The attributable risk is calculated by subtracting the incidence in the unexposed group (IO) from the incidence of the exposed group (IE) and dividing by the incidence in the exposed group, which is expressed as:

$$ Attributable\ risk\ in\ the\ exposed\ group = \frac{(I_{E} – I_{O})}{I_{E}} = \frac{\frac{A}{A + B} – \frac{C}{C + D}}{\frac{A}{A + B}} = (\frac{(RR – 1)}{RR}) $$

Example: In a population of 100 smokers, 75 developed lung cancer and 25 did not after 10 years in a cohort study. In a population of 100 nonsmokers, 10 developed lung cancer and 90 did not. What percentage of lung cancer cases are likely due to smoking?

  • This question is asking about the attributable risk in the exposed group.
  • Answer: (0.75 – 0.1 ) ÷ 0.75 = 0.65 ÷ 0.75 = 0.867
  • Interpretation: 86.7% of lung cancer cases are due to smoking.
Contingency table lung cancer

Contingency table
N = total number of people in set population

Image by Lecturio. License: CC BY-NC-SA 4.0

Population attributable risk (PAR)

The PAR is the attributable risk for an entire population. It represents the fraction of cases that would not occur in a population if the exposure was eliminated.

For example, what percentage of lung cancer cases could be prevented if nobody smoked?

The PAR is calculated by subtracting the incidence rate in the unexposed population from the incidence rate in the entire population:

$$ PAR = \frac{(I_{T} – I_{O})}{I_{T}} = \frac{(\frac{A + C}{N} – \frac{C}{C + D})}{\frac{A + C}{N}} $$

Example: In a population of 100 smokers, 75 developed lung cancer and 25 did not after 10 years in a cohort study. In a population of 100 nonsmokers, 10 developed lung cancer and 90 did not. What percentage of lung cancer cases could be prevented if nobody smoked?

  • This question is asking about the population attributable risk.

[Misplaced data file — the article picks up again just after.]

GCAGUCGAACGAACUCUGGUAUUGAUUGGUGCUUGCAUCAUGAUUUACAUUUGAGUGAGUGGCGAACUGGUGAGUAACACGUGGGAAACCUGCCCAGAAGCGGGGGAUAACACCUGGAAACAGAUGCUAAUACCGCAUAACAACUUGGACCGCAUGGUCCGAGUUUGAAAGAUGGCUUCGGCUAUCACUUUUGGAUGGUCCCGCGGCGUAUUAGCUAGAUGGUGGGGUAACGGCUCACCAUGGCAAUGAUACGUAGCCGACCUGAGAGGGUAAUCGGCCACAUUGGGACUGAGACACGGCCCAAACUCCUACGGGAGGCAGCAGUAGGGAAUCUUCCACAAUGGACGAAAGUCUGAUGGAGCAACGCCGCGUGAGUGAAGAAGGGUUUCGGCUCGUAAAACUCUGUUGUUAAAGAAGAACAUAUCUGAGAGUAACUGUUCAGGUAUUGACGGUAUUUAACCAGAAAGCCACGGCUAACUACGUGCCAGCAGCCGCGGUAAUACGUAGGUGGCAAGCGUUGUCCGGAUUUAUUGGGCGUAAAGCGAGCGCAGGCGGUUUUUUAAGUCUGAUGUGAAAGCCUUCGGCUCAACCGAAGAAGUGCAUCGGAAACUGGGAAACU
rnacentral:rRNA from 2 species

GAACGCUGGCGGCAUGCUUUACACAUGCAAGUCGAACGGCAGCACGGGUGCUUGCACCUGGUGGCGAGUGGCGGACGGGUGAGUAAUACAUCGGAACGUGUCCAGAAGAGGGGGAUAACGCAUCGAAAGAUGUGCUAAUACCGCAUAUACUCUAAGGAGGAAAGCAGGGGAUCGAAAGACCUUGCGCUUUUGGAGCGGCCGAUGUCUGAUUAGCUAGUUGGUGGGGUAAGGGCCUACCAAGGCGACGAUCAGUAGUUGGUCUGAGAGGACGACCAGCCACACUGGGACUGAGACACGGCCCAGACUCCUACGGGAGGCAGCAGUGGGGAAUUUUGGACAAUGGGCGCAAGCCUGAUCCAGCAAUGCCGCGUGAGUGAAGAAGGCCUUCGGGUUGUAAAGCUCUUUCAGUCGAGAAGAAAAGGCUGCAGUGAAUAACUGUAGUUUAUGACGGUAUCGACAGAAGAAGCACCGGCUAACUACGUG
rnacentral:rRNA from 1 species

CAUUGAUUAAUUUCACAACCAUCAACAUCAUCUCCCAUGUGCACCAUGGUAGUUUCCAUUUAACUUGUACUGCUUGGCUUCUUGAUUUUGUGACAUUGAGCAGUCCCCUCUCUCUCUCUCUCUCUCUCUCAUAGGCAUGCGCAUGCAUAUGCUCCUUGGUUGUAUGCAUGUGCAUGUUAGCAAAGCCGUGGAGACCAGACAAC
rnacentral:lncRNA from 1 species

• Answer: 76.5% of lung cancers could be prevented if no one smoked
$$ PAR = \frac{(\frac{85}{200} – \frac{10}{100})}{\frac{85}{200}} = \frac{(0.425 – 0.1)}{0.425} = 0.765 $$
Contingency table lung cancer N = 200

Contingency table
N = total number of people in set population

Image by Lecturio. License: CC BY-NC-SA 4.0

Odds Ratio

Definition

An odds ratio (OR) is a statistic that quantifies the strength of association between 2 variables or events. 

  • OR calculates the odds of one variable (A) in the presence or absence of another variable (B). 
    • Odds are the probability of a thing happening divided by the probability of that thing not happening.
    • For example, the probability of “heads” on a coin toss is 50%; the odds are 1 (50% ÷ 50%).
  • In clinical studies, OR measures the association between an exposure and an outcome.
  • Does not imply causation
  • OR can be used to estimate the RR when incidence rates cannot be calculated, such as in case–control studies.
  • Used when diseases are rare (typically when the prevalence is ≤ about 10%)
  • Also used in more complicated statistical analyses:
    • Can be thought of as a type of RR
    • Used to determine risk factors in studies

Calculations of the OR